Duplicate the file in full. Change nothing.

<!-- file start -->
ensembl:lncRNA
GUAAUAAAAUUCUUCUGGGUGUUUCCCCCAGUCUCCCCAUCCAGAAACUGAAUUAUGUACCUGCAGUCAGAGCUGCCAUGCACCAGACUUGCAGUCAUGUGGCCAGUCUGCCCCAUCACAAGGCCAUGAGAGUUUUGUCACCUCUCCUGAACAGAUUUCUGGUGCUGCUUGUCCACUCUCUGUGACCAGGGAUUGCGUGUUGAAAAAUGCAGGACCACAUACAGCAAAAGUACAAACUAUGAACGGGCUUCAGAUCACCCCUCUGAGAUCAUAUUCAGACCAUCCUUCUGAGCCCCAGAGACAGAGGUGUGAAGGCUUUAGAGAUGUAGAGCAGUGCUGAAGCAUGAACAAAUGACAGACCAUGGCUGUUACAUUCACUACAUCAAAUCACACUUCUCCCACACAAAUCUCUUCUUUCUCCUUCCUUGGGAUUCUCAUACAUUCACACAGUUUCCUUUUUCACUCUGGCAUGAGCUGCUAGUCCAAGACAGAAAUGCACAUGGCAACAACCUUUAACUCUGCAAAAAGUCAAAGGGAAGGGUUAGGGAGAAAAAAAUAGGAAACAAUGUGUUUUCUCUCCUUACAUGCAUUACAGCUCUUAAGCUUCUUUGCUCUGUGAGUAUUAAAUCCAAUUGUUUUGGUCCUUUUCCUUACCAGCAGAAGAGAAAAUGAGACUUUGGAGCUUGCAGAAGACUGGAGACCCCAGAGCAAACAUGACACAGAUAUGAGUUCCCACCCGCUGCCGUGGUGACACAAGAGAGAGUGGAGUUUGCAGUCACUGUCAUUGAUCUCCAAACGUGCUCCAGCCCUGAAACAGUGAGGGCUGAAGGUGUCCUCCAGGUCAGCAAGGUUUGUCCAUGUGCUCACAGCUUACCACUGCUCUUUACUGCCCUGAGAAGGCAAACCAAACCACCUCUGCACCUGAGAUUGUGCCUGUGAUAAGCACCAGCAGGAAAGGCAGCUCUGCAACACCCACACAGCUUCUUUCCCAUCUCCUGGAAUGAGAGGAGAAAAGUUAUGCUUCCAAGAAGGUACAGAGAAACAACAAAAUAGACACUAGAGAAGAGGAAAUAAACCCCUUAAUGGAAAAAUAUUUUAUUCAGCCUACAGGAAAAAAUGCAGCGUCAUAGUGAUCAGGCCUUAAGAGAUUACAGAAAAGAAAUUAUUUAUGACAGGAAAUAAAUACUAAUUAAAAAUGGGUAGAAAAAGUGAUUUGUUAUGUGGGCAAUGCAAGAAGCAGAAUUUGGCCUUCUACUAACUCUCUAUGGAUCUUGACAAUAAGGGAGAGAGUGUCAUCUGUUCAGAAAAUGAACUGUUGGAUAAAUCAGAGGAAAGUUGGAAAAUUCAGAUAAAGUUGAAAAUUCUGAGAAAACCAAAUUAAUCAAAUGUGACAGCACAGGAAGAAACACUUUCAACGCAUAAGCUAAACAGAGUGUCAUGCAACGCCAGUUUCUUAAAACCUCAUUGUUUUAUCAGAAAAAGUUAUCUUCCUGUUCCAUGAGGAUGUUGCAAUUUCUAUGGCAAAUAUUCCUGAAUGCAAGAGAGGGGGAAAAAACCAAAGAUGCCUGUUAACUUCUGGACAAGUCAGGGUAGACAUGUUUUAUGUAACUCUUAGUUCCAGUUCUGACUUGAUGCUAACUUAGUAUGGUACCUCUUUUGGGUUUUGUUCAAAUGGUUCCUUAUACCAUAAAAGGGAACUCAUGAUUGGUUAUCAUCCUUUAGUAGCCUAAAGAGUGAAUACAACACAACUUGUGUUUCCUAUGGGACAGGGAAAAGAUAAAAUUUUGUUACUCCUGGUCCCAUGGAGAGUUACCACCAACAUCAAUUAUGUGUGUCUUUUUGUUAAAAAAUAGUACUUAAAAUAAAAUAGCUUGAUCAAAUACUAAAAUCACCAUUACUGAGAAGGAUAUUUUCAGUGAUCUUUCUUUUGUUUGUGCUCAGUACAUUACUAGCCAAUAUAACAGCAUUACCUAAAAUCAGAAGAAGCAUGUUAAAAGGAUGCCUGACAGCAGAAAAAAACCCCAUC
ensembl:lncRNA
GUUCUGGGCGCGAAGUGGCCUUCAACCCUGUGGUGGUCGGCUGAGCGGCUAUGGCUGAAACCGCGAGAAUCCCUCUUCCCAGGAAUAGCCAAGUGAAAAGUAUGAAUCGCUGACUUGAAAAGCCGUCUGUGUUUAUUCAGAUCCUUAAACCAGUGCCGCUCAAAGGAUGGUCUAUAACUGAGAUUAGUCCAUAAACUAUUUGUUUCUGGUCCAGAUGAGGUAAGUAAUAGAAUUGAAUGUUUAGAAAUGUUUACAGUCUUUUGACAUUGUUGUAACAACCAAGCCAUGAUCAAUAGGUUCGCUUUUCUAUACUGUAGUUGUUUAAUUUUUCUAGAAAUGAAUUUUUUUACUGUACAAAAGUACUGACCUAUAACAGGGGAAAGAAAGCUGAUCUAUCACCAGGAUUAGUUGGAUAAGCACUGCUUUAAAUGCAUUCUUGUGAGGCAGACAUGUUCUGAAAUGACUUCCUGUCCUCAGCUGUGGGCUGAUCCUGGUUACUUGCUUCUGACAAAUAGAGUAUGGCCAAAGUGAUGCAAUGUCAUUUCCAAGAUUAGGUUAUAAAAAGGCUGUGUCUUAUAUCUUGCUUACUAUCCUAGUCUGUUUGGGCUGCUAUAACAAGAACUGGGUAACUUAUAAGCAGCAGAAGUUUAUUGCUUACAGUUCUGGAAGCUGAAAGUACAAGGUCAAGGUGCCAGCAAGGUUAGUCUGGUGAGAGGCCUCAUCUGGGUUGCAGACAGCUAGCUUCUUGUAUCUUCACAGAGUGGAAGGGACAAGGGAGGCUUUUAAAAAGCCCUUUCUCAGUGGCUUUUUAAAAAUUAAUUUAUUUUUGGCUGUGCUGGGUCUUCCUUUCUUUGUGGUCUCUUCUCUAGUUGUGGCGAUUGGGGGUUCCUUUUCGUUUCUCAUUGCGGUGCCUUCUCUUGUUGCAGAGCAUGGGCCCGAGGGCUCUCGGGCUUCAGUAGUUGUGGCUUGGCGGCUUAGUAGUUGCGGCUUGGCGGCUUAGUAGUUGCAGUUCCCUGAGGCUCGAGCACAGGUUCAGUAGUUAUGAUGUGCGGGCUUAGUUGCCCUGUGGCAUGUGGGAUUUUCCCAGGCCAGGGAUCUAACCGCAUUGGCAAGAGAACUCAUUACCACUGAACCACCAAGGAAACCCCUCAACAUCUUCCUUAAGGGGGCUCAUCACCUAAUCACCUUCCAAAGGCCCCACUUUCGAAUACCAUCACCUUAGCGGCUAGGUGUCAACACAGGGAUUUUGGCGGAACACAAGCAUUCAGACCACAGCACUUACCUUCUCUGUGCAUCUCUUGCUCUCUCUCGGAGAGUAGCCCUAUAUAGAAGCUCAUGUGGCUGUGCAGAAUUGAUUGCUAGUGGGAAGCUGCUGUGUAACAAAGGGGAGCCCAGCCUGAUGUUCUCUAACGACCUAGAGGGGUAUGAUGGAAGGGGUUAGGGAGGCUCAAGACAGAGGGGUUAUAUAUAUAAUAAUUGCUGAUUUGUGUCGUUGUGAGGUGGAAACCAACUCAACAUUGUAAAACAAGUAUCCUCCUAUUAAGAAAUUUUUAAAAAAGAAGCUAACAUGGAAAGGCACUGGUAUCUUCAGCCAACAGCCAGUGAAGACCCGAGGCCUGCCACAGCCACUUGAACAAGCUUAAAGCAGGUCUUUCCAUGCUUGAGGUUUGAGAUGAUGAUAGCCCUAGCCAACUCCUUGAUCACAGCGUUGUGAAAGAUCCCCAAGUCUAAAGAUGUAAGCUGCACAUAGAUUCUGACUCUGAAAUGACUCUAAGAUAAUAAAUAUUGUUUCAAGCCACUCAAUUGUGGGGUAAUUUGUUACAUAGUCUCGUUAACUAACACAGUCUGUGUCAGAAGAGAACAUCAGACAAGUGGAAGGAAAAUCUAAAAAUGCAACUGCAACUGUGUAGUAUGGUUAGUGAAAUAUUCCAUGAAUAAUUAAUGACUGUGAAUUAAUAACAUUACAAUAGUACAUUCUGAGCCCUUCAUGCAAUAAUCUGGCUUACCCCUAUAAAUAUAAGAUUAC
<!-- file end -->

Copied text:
ensembl:lncRNA
GUAAUAAAAUUCUUCUGGGUGUUUCCCCCAGUCUCCCCAUCCAGAAACUGAAUUAUGUACCUGCAGUCAGAGCUGCCAUGCACCAGACUUGCAGUCAUGUGGCCAGUCUGCCCCAUCACAAGGCCAUGAGAGUUUUGUCACCUCUCCUGAACAGAUUUCUGGUGCUGCUUGUCCACUCUCUGUGACCAGGGAUUGCGUGUUGAAAAAUGCAGGACCACAUACAGCAAAAGUACAAACUAUGAACGGGCUUCAGAUCACCCCUCUGAGAUCAUAUUCAGACCAUCCUUCUGAGCCCCAGAGACAGAGGUGUGAAGGCUUUAGAGAUGUAGAGCAGUGCUGAAGCAUGAACAAAUGACAGACCAUGGCUGUUACAUUCACUACAUCAAAUCACACUUCUCCCACACAAAUCUCUUCUUUCUCCUUCCUUGGGAUUCUCAUACAUUCACACAGUUUCCUUUUUCACUCUGGCAUGAGCUGCUAGUCCAAGACAGAAAUGCACAUGGCAACAACCUUUAACUCUGCAAAAAGUCAAAGGGAAGGGUUAGGGAGAAAAAAAUAGGAAACAAUGUGUUUUCUCUCCUUACAUGCAUUACAGCUCUUAAGCUUCUUUGCUCUGUGAGUAUUAAAUCCAAUUGUUUUGGUCCUUUUCCUUACCAGCAGAAGAGAAAAUGAGACUUUGGAGCUUGCAGAAGACUGGAGACCCCAGAGCAAACAUGACACAGAUAUGAGUUCCCACCCGCUGCCGUGGUGACACAAGAGAGAGUGGAGUUUGCAGUCACUGUCAUUGAUCUCCAAACGUGCUCCAGCCCUGAAACAGUGAGGGCUGAAGGUGUCCUCCAGGUCAGCAAGGUUUGUCCAUGUGCUCACAGCUUACCACUGCUCUUUACUGCCCUGAGAAGGCAAACCAAACCACCUCUGCACCUGAGAUUGUGCCUGUGAUAAGCACCAGCAGGAAAGGCAGCUCUGCAACACCCACACAGCUUCUUUCCCAUCUCCUGGAAUGAGAGGAGAAAAGUUAUGCUUCCAAGAAGGUACAGAGAAACAACAAAAUAGACACUAGAGAAGAGGAAAUAAACCCCUUAAUGGAAAAAUAUUUUAUUCAGCCUACAGGAAAAAAUGCAGCGUCAUAGUGAUCAGGCCUUAAGAGAUUACAGAAAAGAAAUUAUUUAUGACAGGAAAUAAAUACUAAUUAAAAAUGGGUAGAAAAAGUGAUUUGUUAUGUGGGCAAUGCAAGAAGCAGAAUUUGGCCUUCUACUAACUCUCUAUGGAUCUUGACAAUAAGGGAGAGAGUGUCAUCUGUUCAGAAAAUGAACUGUUGGAUAAAUCAGAGGAAAGUUGGAAAAUUCAGAUAAAGUUGAAAAUUCUGAGAAAACCAAAUUAAUCAAAUGUGACAGCACAGGAAGAAACACUUUCAACGCAUAAGCUAAACAGAGUGUCAUGCAACGCCAGUUUCUUAAAACCUCAUUGUUUUAUCAGAAAAAGUUAUCUUCCUGUUCCAUGAGGAUGUUGCAAUUUCUAUGGCAAAUAUUCCUGAAUGCAAGAGAGGGGGAAAAAACCAAAGAUGCCUGUUAACUUCUGGACAAGUCAGGGUAGACAUGUUUUAUGUAACUCUUAGUUCCAGUUCUGACUUGAUGCUAACUUAGUAUGGUACCUCUUUUGGGUUUUGUUCAAAUGGUUCCUUAUACCAUAAAAGGGAACUCAUGAUUGGUUAUCAUCCUUUAGUAGCCUAAAGAGUGAAUACAACACAACUUGUGUUUCCUAUGGGACAGGGAAAAGAUAAAAUUUUGUUACUCCUGGUCCCAUGGAGAGUUACCACCAACAUCAAUUAUGUGUGUCUUUUUGUUAAAAAAUAGUACUUAAAAUAAAAUAGCUUGAUCAAAUACUAAAAUCACCAUUACUGAGAAGGAUAUUUUCAGUGAUCUUUCUUUUGUUUGUGCUCAGUACAUUACUAGCCAAUAUAACAGCAUUACCUAAAAUCAGAAGAAGCAUGUUAAAAGGAUGCCUGACAGCAGAAAAAAACCCCAUC
ensembl:lncRNA
GUUCUGGGCGCGAAGUGGCCUUCAACCCUGUGGUGGUCGGCUGAGCGGCUAUGGCUGAAACCGCGAGAAUCCCUCUUCCCAGGAAUAGCCAAGUGAAAAGUAUGAAUCGCUGACUUGAAAAGCCGUCUGUGUUUAUUCAGAUCCUUAAACCAGUGCCGCUCAAAGGAUGGUCUAUAACUGAGAUUAGUCCAUAAACUAUUUGUUUCUGGUCCAGAUGAGGUAAGUAAUAGAAUUGAAUGUUUAGAAAUGUUUACAGUCUUUUGACAUUGUUGUAACAACCAAGCCAUGAUCAAUAGGUUCGCUUUUCUAUACUGUAGUUGUUUAAUUUUUCUAGAAAUGAAUUUUUUUACUGUACAAAAGUACUGACCUAUAACAGGGGAAAGAAAGCUGAUCUAUCACCAGGAUUAGUUGGAUAAGCACUGCUUUAAAUGCAUUCUUGUGAGGCAGACAUGUUCUGAAAUGACUUCCUGUCCUCAGCUGUGGGCUGAUCCUGGUUACUUGCUUCUGACAAAUAGAGUAUGGCCAAAGUGAUGCAAUGUCAUUUCCAAGAUUAGGUUAUAAAAAGGCUGUGUCUUAUAUCUUGCUUACUAUCCUAGUCUGUUUGGGCUGCUAUAACAAGAACUGGGUAACUUAUAAGCAGCAGAAGUUUAUUGCUUACAGUUCUGGAAGCUGAAAGUACAAGGUCAAGGUGCCAGCAAGGUUAGUCUGGUGAGAGGCCUCAUCUGGGUUGCAGACAGCUAGCUUCUUGUAUCUUCACAGAGUGGAAGGGACAAGGGAGGCUUUUAAAAAGCCCUUUCUCAGUGGCUUUUUAAAAAUUAAUUUAUUUUUGGCUGUGCUGGGUCUUCCUUUCUUUGUGGUCUCUUCUCUAGUUGUGGCGAUUGGGGGUUCCUUUUCGUUUCUCAUUGCGGUGCCUUCUCUUGUUGCAGAGCAUGGGCCCGAGGGCUCUCGGGCUUCAGUAGUUGUGGCUUGGCGGCUUAGUAGUUGCGGCUUGGCGGCUUAGUAGUUGCAGUUCCCUGAGGCUCGAGCACAGGUUCAGUAGUUAUGAUGUGCGGGCUUAGUUGCCCUGUGGCAUGUGGGAUUUUCCCAGGCCAGGGAUCUAACCGCAUUGGCAAGAGAACUCAUUACCACUGAACCACCAAGGAAACCCCUCAACAUCUUCCUUAAGGGGGCUCAUCACCUAAUCACCUUCCAAAGGCCCCACUUUCGAAUACCAUCACCUUAGCGGCUAGGUGUCAACACAGGGAUUUUGGCGGAACACAAGCAUUCAGACCACAGCACUUACCUUCUCUGUGCAUCUCUUGCUCUCUCUCGGAGAGUAGCCCUAUAUAGAAGCUCAUGUGGCUGUGCAGAAUUGAUUGCUAGUGGGAAGCUGCUGUGUAACAAAGGGGAGCCCAGCCUGAUGUUCUCUAACGACCUAGAGGGGUAUGAUGGAAGGGGUUAGGGAGGCUCAAGACAGAGGGGUUAUAUAUAUAAUAAUUGCUGAUUUGUGUCGUUGUGAGGUGGAAACCAACUCAACAUUGUAAAACAAGUAUCCUCCUAUUAAGAAAUUUUUAAAAAAGAAGCUAACAUGGAAAGGCACUGGUAUCUUCAGCCAACAGCCAGUGAAGACCCGAGGCCUGCCACAGCCACUUGAACAAGCUUAAAGCAGGUCUUUCCAUGCUUGAGGUUUGAGAUGAUGAUAGCCCUAGCCAACUCCUUGAUCACAGCGUUGUGAAAGAUCCCCAAGUCUAAAGAUGUAAGCUGCACAUAGAUUCUGACUCUGAAAUGACUCUAAGAUAAUAAAUAUUGUUUCAAGCCACUCAAUUGUGGGGUAAUUUGUUACAUAGUCUCGUUAACUAACACAGUCUGUGUCAGAAGAGAACAUCAGACAAGUGGAAGGAAAAUCUAAAAAUGCAACUGCAACUGUGUAGUAUGGUUAGUGAAAUAUUCCAUGAAUAAUUAAUGACUGUGAAUUAAUAACAUUACAAUAGUACAUUCUGAGCCCUUCAUGCAAUAAUCUGGCUUACCCCUAUAAAUAUAAGAUUAC